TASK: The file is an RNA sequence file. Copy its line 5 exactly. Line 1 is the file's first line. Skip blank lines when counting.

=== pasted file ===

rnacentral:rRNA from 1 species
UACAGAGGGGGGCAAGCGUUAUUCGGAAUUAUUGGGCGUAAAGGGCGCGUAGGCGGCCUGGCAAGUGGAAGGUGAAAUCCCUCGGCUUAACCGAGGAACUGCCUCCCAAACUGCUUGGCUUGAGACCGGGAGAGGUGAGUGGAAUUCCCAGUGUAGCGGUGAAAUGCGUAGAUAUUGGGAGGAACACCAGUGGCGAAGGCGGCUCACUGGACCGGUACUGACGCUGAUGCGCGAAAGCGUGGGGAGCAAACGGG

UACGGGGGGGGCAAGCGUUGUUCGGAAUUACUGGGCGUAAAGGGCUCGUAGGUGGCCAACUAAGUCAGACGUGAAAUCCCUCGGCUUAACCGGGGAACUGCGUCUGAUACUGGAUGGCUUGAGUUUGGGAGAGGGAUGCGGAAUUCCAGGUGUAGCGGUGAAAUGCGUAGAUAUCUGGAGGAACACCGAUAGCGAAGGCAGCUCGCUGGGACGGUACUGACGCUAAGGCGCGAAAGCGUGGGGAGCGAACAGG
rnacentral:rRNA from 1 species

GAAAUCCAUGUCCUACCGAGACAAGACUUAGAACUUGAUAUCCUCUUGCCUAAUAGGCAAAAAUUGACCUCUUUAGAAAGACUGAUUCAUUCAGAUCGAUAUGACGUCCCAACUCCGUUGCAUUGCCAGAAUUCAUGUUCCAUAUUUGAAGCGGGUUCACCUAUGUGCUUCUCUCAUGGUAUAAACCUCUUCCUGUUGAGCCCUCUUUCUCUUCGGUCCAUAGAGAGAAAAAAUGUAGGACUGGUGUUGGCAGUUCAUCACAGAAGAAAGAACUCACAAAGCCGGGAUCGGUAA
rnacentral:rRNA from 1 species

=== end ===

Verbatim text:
GAAAUCCAUGUCCUACCGAGACAAGACUUAGAACUUGAUAUCCUCUUGCCUAAUAGGCAAAAAUUGACCUCUUUAGAAAGACUGAUUCAUUCAGAUCGAUAUGACGUCCCAACUCCGUUGCAUUGCCAGAAUUCAUGUUCCAUAUUUGAAGCGGGUUCACCUAUGUGCUUCUCUCAUGGUAUAAACCUCUUCCUGUUGAGCCCUCUUUCUCUUCGGUCCAUAGAGAGAAAAAAUGUAGGACUGGUGUUGGCAGUUCAUCACAGAAGAAAGAACUCACAAAGCCGGGAUCGGUAA